The Trumpet Medical Advisor

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Patricia Naeder, RN, BS.


February, 2010 Edition


Diabetes is a metabolism disorder involving the way the body digests food. Learn how  you can control some of the process:

There are three kinds of Diabetes:

  • Type 1 diabetes, aka juvenile diabetes

  • Type 2 Diabetes, aka Metabolic Syndrome

  • Gestational Diabetes

In Type 1 Diabetes the Pancreas, located behind the stomach, which is usually responsible for producing Insulin through the Beta cells in the Islets of Langerhans, does not produce Insulin, or not enough to handle normal sugar metabolism. These individuals usually take Insulin injections into their subcutaneous, or fatty tissue.   

Monitoring blood sugar levels, while on Insulin therapy, is important to prevent the individual from going into one of two metabolic imbalances, Glucose overload, or Insulin shock.

If there is too much sugar in the blood, it will overflow into the urine. The person will have some or all of the following symptoms of high blood sugar:

  • Flushing and feeling warm all over

  • Increased thirst (polydypsia)

  • Frequent urination (polyurea) and urgency

  • Increased respirations

  • Fatigue which could progress to malaise and loss of energy and possible unconsciousness

If there is too much insulin in the blood the symptoms of shock will ensue:

  • Drop in blood pressure

  • Diaphoresis (profuse sweating)

  • Delerium, Fainging or Loss of consciousness, or coma.

  • Very fast heart rate (tachycardia) to compensate for the drop in blood volume which carries oxygen throughout the body.

In Type 2 Diabetes the Pancreas produces Insulin but the body’s cells are resistant to taking up the Insulin to ensure the metabolism of sugar. This condition has also been referred to as Metabolic Syndrome. It is responsible for about 85% of Diabetes incidence.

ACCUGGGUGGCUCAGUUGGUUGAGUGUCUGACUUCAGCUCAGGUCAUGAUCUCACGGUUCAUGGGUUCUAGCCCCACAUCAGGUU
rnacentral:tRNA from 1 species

Gestational Diabetes is triggered during pregnancy and can recede after giving birth. However these patients are predisposed to recurrence, and should be monitored.


  • Type 1 can be caused by an auto-immune response, genes or virus, which destroy the insulin producing cells in the pancreas’ Islets of Langerhans

  • Type 2 is usually associated with obesity, sedentary lifestyle, and can have a genetic pre-disposition. This syndrome can also be accompanied by high blood pressure, high cholesterol, and atherosclerosis which is the thickening of the walls of the blood vessels with plaque

  • Gestational is triggered by pregnancy


  • Urine can be tested either at the doctor’s office or using an at-home testing kit.

  • Blood sugar can be tested by seeing your physician and going to the lab for a blood test

  • A1C test is a Hemoglobin averaging test which averages the blood sugar levels over the last 2-3 months. Normal is below 7%

  • If diagnosed with diabetes the cardiovascular system should be monitored for narrowing of vessels which causes less blood carrying oxygen, to travel throughout the body

  • Stress testing, which is walking on a treadmill with EKG leads on, should be done to test for ischemia, which is oxygen depletion level

  •  If the vessels of the heart are suspected of being affected, then an echocardiogram should be performed

  • Cholesterol levels should be monitored. The goal is to have low LDL, and Triglycerides, and a high HDL

Complications of Diabetes:

  • Heart attack, (myocardial infarction)

  • Stroke, (cardiovascular accident, aka CVA)

  • Retinopathy, causing damage to the structures of the retina in the eye, causing serious vision disturbances and possible blindness

  • Kidney dysfunction due to the pathology of the circulatory system. The structures in the kidney become narrowed, twisted and possibly obstructed. This slows the glomerular filtration rate, which is the filtering of waste products through the kidney for excretion. This chronic condition can progress to kidney failure which is life threatening. If there is protein in the urine this signals kidney damage